How many Batman books is too many Batman books? Depending on who you ask there ain’t no such thing! We try to stay up on what’s going on at DC, but we can’t always dig deep into every issue. The solution? Our weekly round-up of titles coming out of DC Comics. Today, we’re discussing Batgirl and the Birds of Prey Rebirth 1, Batman 3, Hellblazer Rebirth 1, Green Arrow 3, and Superman 3.
Batgirl and the Birds of Prey Rebirth 1
Mark: A lot of ink has been spilled discussing the redundant and sometimes slapdash efforts put into these Rebirth titles; most of the time there’s been precious little Rebirth and a lot of backstory. And while Batgirl and the Birds of Prey Rebirth 1 continues that trend, it also has the other Rebirth issues’ problem: it just isn’t very fun.
That’s partly out of writers Julie and Shawna Benson’s control, as I don’t doubt there’s a mandate to summarize the origins of every featured character, but basically half of the issue is spent exclusively on Barbara’s origin story. Throw in a couple more pages to explain ex-Spyral Matron Helena Bertinelli taking up the mantle of “Huntress,” and you’ve basically run out of room for anything fun or exciting to happen. Hell, the main cover of the issue is the Birds of Prey in a yelling match. The dream is real!
Here’s what I’m interested to know: these Rebirth relaunches have predictably increased DC’s sales, but are the folks snatching up #1’s lapsed DC readers enticed by the promise of familiar faces or is it bringing brand new readers into the DC fold? Based on no information, my gut is that the majority are lapsed DC readers. For them, the promise of seeing their old favorites back might be enough of a hook. But beyond that niche group of readers, I have a hard time seeing BatBoPR make a compelling case for shelling out another $2.99 to see the story really begins.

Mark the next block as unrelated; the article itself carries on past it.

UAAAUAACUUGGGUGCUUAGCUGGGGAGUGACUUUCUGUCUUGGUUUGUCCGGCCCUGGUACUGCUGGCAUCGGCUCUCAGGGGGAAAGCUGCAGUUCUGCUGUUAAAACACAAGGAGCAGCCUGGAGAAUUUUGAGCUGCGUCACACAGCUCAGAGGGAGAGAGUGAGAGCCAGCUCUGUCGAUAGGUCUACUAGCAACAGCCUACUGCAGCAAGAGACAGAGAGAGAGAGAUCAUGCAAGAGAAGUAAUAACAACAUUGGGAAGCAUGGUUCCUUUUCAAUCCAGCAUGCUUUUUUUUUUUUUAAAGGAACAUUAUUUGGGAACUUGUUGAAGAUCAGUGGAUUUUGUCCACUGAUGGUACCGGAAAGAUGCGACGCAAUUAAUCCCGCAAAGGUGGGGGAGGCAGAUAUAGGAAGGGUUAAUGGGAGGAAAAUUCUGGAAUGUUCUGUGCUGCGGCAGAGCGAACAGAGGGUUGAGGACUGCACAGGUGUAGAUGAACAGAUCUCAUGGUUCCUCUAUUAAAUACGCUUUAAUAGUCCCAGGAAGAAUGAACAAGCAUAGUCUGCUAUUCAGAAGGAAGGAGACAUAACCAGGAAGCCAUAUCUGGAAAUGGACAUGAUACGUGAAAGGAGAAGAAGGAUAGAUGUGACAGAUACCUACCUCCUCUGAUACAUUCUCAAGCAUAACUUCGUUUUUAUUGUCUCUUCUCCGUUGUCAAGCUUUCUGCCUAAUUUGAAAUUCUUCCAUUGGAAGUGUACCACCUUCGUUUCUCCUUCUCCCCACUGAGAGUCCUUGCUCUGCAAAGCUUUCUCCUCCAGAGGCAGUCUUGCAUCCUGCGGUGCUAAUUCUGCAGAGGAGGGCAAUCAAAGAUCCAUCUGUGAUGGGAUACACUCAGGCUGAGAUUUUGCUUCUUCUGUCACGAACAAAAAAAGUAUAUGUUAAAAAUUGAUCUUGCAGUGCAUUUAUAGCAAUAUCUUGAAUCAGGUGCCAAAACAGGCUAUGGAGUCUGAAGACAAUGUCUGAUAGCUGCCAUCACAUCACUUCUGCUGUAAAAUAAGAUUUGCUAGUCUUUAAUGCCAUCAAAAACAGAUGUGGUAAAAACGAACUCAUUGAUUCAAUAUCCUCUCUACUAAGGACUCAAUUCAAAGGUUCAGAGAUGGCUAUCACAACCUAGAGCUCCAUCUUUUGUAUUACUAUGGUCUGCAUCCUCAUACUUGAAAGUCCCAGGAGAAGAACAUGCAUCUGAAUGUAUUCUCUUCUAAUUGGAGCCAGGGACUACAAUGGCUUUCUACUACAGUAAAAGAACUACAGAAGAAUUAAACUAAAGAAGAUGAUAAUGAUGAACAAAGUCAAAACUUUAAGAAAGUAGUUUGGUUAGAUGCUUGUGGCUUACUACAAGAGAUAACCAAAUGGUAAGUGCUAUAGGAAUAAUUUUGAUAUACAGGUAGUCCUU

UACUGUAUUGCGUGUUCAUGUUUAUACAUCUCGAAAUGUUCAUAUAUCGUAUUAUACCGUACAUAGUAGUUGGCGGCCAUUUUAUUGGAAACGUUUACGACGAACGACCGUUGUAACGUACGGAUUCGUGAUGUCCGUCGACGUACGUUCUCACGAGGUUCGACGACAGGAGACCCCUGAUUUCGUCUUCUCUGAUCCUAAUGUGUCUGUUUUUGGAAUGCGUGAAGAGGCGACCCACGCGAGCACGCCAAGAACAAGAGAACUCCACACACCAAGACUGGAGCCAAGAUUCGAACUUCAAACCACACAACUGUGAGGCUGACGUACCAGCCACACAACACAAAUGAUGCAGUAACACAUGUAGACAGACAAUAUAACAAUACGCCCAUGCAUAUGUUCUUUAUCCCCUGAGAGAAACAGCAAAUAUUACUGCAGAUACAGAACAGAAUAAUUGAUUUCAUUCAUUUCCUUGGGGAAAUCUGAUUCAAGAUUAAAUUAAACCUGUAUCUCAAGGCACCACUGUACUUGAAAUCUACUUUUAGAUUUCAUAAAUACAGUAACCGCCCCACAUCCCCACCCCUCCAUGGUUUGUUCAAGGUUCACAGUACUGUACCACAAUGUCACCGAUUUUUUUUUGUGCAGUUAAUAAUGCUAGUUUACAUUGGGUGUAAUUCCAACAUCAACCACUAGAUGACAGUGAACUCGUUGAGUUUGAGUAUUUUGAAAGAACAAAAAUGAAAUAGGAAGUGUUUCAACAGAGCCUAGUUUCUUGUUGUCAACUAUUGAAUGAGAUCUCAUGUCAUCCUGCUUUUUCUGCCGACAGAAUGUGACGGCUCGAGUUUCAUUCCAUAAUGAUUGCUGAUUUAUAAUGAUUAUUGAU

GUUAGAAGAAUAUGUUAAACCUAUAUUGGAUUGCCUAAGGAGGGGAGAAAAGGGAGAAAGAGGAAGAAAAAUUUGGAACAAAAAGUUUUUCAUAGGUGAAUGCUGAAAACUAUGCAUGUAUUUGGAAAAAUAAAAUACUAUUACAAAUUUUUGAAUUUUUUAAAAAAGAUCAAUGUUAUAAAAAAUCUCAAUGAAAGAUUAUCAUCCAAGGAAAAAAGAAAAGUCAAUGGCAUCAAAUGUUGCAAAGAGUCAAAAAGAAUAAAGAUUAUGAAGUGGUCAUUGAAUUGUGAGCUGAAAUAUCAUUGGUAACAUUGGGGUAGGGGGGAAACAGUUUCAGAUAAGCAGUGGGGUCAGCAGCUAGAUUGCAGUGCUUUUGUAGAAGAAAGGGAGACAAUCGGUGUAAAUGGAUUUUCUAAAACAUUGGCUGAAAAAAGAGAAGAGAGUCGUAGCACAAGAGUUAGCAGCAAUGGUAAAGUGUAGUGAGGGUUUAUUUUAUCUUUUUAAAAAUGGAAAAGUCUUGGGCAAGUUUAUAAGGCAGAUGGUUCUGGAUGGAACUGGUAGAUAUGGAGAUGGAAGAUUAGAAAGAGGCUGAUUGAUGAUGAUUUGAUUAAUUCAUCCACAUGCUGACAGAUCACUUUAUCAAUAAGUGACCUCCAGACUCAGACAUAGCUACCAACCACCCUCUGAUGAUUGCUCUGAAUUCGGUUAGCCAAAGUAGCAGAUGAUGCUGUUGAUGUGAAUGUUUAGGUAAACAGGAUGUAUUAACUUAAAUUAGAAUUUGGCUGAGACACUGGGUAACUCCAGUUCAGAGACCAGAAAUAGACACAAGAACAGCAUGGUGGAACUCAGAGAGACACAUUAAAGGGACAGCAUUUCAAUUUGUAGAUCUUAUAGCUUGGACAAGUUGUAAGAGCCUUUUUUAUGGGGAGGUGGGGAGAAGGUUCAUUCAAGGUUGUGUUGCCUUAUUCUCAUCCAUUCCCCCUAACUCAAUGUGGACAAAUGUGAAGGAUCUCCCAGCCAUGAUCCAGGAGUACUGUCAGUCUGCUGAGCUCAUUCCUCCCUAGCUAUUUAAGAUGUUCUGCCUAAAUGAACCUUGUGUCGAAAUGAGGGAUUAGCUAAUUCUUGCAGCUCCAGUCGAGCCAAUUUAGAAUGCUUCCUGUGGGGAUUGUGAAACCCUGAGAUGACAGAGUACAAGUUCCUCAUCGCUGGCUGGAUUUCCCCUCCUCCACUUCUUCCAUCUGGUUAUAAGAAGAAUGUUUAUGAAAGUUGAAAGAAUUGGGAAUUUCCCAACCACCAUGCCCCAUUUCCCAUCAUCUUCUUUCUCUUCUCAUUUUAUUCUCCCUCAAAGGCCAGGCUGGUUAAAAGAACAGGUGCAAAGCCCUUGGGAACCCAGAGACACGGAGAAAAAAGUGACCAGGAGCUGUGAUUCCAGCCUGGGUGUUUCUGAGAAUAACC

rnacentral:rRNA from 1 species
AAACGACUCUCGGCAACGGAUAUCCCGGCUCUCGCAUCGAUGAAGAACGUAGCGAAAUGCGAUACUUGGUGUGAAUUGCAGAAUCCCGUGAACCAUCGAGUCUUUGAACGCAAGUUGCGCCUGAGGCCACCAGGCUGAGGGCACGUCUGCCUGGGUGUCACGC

Spencer: The themes Tom King explores in Batman 3 are incredibly on-the-nose, but that doesn’t make them any less compelling. Gotham (the superhero) takes the “I Am Gotham!” mantra quite literally; like his father, he believes that, while growing up in Gotham can be difficult and dangerous, surviving it only makes you stronger. Hugo Strange, meanwhile, delivers a nearly symmetrical counterpoint; to him, those who grow up in Gotham strive to live down to their home, and that’s something he’ll no longer abide. Of course, recruiting the Psycho Pirate and killing people immediately invalidates Strange’s arguments, but the idea of how our environments affect our development is a compelling one regardless.